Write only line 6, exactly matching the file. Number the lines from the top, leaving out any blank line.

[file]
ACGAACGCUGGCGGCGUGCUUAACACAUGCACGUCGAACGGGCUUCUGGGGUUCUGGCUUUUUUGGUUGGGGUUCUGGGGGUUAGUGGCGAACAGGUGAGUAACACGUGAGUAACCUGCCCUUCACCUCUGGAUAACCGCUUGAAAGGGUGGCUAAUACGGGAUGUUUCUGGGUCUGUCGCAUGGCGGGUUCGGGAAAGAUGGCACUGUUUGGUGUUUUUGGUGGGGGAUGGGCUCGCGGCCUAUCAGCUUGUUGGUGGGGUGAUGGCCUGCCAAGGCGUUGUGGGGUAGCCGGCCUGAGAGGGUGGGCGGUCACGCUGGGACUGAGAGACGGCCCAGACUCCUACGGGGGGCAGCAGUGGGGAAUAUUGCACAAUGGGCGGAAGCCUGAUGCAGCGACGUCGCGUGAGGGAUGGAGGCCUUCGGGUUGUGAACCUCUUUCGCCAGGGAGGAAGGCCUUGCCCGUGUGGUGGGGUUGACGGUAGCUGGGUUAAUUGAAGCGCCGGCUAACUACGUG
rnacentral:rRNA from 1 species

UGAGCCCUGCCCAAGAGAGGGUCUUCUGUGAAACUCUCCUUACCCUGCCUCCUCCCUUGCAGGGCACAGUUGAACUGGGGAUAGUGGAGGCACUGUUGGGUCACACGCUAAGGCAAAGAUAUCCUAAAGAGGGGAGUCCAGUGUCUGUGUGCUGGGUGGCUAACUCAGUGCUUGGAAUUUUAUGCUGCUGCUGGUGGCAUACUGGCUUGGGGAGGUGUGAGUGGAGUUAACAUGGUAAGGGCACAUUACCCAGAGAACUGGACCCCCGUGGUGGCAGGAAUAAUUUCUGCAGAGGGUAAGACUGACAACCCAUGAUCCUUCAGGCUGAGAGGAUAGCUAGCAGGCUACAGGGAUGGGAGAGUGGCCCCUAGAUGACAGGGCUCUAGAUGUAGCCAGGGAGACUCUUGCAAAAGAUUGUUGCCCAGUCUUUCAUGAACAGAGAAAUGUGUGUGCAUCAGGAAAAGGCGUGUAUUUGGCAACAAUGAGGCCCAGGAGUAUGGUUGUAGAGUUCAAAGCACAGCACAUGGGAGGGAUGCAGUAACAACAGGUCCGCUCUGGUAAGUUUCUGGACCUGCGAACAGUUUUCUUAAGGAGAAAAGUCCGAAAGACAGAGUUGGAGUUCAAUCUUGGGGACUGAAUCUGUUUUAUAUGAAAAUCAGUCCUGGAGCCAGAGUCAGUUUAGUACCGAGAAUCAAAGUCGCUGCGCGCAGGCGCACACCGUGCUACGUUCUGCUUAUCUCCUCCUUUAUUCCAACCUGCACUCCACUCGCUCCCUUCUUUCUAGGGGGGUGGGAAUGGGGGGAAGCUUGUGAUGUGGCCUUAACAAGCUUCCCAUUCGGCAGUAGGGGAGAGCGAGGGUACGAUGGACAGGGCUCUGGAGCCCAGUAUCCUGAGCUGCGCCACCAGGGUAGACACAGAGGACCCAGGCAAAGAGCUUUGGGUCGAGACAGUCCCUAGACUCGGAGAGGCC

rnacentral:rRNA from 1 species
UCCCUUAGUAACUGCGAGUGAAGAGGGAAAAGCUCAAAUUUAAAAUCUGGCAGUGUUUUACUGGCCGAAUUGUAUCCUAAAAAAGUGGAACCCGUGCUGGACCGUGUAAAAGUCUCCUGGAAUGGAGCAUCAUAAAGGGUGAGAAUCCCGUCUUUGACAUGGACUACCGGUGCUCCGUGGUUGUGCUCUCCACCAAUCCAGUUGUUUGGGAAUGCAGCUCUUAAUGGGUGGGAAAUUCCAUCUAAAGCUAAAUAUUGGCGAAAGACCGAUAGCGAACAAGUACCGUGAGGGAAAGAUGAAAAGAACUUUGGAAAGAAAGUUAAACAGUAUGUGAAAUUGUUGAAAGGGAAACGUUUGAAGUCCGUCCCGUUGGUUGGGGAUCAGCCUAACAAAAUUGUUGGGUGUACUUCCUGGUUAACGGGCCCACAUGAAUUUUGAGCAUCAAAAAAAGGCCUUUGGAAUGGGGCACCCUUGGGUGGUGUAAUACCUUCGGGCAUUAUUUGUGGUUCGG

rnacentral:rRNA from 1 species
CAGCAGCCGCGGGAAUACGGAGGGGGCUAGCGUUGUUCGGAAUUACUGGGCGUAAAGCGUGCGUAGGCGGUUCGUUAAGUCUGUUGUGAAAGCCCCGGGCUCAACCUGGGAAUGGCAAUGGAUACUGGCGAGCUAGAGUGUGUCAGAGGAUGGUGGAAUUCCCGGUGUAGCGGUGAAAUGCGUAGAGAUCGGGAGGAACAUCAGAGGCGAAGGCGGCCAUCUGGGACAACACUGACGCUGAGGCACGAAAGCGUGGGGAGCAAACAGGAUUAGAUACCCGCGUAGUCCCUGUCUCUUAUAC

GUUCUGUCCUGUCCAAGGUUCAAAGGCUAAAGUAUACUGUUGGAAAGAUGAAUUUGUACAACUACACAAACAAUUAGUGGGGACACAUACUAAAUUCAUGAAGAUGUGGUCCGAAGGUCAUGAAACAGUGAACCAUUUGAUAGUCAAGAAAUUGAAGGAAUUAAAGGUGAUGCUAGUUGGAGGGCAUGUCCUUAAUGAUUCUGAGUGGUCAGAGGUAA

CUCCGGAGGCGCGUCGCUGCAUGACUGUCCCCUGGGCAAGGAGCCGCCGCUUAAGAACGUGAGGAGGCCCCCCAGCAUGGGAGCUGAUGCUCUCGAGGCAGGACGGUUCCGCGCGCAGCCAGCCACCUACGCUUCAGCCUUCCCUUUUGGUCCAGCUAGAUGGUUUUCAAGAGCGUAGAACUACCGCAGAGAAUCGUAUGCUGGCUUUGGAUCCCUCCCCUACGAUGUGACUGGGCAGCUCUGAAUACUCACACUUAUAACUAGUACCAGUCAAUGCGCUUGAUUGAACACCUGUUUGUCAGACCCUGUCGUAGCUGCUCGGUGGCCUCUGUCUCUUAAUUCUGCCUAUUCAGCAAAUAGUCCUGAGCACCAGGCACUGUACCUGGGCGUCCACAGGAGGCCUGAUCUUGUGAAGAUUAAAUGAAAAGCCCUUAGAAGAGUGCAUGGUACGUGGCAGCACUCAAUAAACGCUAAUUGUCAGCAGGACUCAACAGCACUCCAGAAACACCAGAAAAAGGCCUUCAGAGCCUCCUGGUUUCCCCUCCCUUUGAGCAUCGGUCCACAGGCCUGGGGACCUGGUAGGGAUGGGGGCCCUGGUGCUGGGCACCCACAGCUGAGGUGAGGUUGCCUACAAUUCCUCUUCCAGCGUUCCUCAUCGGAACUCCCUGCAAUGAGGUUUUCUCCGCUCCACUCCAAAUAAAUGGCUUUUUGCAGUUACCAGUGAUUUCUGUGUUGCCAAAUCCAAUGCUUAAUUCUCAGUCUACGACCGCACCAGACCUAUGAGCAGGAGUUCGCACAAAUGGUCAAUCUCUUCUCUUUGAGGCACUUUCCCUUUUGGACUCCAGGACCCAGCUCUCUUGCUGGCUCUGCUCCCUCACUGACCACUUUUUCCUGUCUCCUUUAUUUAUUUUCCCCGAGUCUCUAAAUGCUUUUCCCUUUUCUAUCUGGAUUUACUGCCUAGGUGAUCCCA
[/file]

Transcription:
rnacentral:rRNA from 1 species